Five Minute Interview: Terry Beale, EMC

EMC's UK channel director Terry Beale on the growth of channel consolidation, and why he doesn't buy into the smartphone revolution

Tell us what you do for a living.

I am channel director for EMC UK.

Why are you the right person for this job?

I have a lot of experience with end customers and I understand how people need to work together to get the job done.

What gets you up in the morning?

The alarm clock.

Who helped you get to where you are today?

The people who work for me on my team.

What is the best or worst business advice you have received and from whom?

The best advice I’ve received was from Mike Tasker, who said: “Always be good to the people on your way up because they might pass you when you’re on the way down.”

The worst advice I’ve been given: “Don’t be too opinionated.” I don’t necessarily agree with this; fundamentally, I think it’s more important to be yourself.

What advice would you give to someone starting out today in IT?

Make sure you take the time to understand how your business will interact with your customers.

What’s running on your smartphone?

I don’t have a smartphone – I have a Nokia on the basis that I don’t need to charge it for two weeks!

What does the next five years hold for the channel?

Significant change is inevitable: the roles of channel players are likely to change with readjustments amongst different channel entities. Service providers will become resellers and resellers will become service providers. We are likely to see this change happen most quickly in the telecoms sector and, in two or three years, telecoms operators will no longer be able to rely on voice for revenue.

The pace of market consolidation is likely to accelerate, and only the fastest and smartest players in the channel will survive. The revenues on offer to the channel are likely to grow significantly, in product but also for services.

The channel will need to think about how it creates partnerships and the right relationships that deliver value to customers. It is essential that channel organisations consider how they are going to really nail this point.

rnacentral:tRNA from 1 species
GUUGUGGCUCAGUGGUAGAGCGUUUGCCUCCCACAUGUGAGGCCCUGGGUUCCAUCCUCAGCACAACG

Tell us something most people do not know about you.

I’m an open book really. My passion is cooking and, because of my heritage, I love cooking curry.

What goal do you have to achieve before you die, and why?

To make sure that, when my children leave home, they do so with the wherewithal to make an adequate living and to put a roof over their heads.

What is the best book you've ever read?

D Day by Stephen Ambrose.

And the worst film you’ve ever seen?

Transformers  –  all of them.

What would be your Desert Island MP3s?

Imagine by John Lennon; Nessun Dorma by Paul Potts; The Jean Genie by David Bowie.

What temptation can you not resist?

Pork pies.

What was your first car and how does it compare with what you drive now?

My first car was an orange Austin Allegro with a square steering wheel. I now drive a Ford Kuga, which is much more reliable!

Who would you least like to be stuck in a lift with? Why, what did they do?

Madonna – she scares me.

If you could be any animal for a day, what would you be and why?

A cat, because I like being my own person.

If you could take part in one event at the Olympics, which would you choose and why?

The 1,500 metres, because it’s the premiere event when it comes to running.

If you were facing awesome peril and impossible odds, which real or fictional person would you most want on your side and why?

James Bond (the Daniel Craig version): he is cool, he’s tough and he simply drives the best cars on the planet.

And finally, a grizzly bear and a silverback gorilla are getting ready for a no-holds-barred rumble. Who is your money on and why?

The grizzly bear. It would simply run faster and therefore survive.

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